Next we need to deal with Storage. When a user authenticates with our application, we will receive a request from Pusher. This user can be stored in a list of active user for the account.

Whenever an event occurs in the application that requires us to send the new data to all of the users, we can query this storage.

In production we can use Redis to store this data and during testing we can use a simple array implementation to store the data.

So once again, as we need two implementations, we first need an interface:

interface Storage  
{  
/**  
* Get an item from the storage  
*  
* @param string $key  
* @return array  
*/  
public function get($key);

/**  
* Set an item in the storage  
*  
* @param string $key  
* @param array $value  
* @return void  
*/  
public function set($key, $value);

/**  
* Remove an item from the storage  
*  
* @param string $key  
* @return void  
*/  
public function remove($key);  
}  

This interface is fairly simple as we only need get(), set() and remove() methods.

The first implementation I will create will be the ArrayStorage we can use for testing:

class ArrayStorage implements Storage  
{  
/**  
* @var array  
*/  
private $data = [];

/**  
* Get an item from the Storage  
*  
* @param string $key  
* @return array  
*/  
public function get($key)  
{  
return array_get($this->data, $key, []);  
}

/**  
* Set an item in the Storage  
*  
* @param string $key  
* @param array $value  
* @return void  
*/  
public function set($key, $value)  
{  
$this->data[$key] = $value;  
}

/**  
* Remove an item from the Storage  
*  
* @param string $key  
* @return void  
*/  
public function remove($key)  
{  
unset($this->data[$key]);  
}  
}  

As you can see, we are simply storing the data in an array on the class.

The RedisStorage class looks like this:

use Illuminate\Redis\Database;

class RedisStorage implements Storage  
{  
/**  
* @var Database  
*/  
private $database;

/**  
* @param Database $database  
* @return void  
*/  
public function __construct(Database $database)  
{  
$this->database = $database;  
}  
}  

First we inject an instance of Laravel’s Redis Database.

Next we define a private method for generating a key to store the data:

/**  
* Generate a key  
*  
* @param string $key  
* @return string  
*/  
private function key($key)  
{  
return sprintf(‘pusher.webhooks.account.%s’, $key);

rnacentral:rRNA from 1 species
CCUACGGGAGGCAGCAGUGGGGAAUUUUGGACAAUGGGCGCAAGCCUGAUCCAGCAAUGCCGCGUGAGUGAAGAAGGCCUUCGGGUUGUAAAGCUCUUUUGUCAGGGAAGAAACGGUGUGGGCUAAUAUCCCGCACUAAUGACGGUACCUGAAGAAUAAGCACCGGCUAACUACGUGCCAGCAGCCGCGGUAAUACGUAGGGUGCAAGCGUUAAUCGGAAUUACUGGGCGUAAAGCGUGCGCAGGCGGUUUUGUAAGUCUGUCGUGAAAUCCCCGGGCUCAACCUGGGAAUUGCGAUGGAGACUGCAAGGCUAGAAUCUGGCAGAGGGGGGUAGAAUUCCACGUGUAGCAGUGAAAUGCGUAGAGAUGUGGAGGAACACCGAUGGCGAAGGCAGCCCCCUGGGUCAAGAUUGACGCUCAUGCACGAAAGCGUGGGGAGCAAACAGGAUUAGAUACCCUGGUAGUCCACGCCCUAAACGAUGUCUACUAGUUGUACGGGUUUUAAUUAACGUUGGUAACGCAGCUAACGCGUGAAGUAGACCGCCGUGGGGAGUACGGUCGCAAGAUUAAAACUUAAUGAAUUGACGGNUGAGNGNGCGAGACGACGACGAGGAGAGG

}  

Finally we can implement the methods of the Storage contract:

/**  
* Get an item from the Storage*  
*  
* @param string $key  
* @return array  
*/  
public function get($key)  
{  
$value = $this->database->get($this->key($key));

$value = json_decode($value);

return is_array($value) ? $value : [];  
}

/**  
* Set an item in the Storage  
*  
* @param string $key  
* @param array $value  
* @return void  
*/  
public function set($key, $value)  
{  
$this->database->set($this->key($key), json_encode($value));  
}

/**  
* Remove an item from the Storage  
*  
* @param string $key  
* @return void  
*/  
public function remove($key)  
{  
$this->database->del($this->key($key));  
}  

With these two Storage implementations we’ve made it really easy to test the remaining functionality we will need to build.

Conclusion

In today’s tutorial we have set the foundation for adding Pusher to a Laravel application. We’ve covered two important concepts when working with external “services”.

Firstly, don’t tie yourself to a single implementation. We don’t want to reference the Pusher SDK anywhere in our code.

Think of the external SDKs as foreign bodies that you want to completely control. Letting them slip into the bloodstream of the application is like a cancer.

We’ve made it very easy to replace the Client in the future. I’m not a big fan of using SDKs so this is something I always inevitably do.

Secondly we need to store data in Redis. During our tests we could hit an actual Redis server, and I’m not totally against this, but there is not need for that overhead. Ideally we want to be able to run the tests in isolation.

By also defining a simple ArrayStorage implementation, we can simply use that implementation during testing.

And if we ever wanted to change from Redis to another storage type, we only have to create a new implementation.

Next week we will be looking at authenticating with Pusher.

Setting up Pusher in a Laravel Application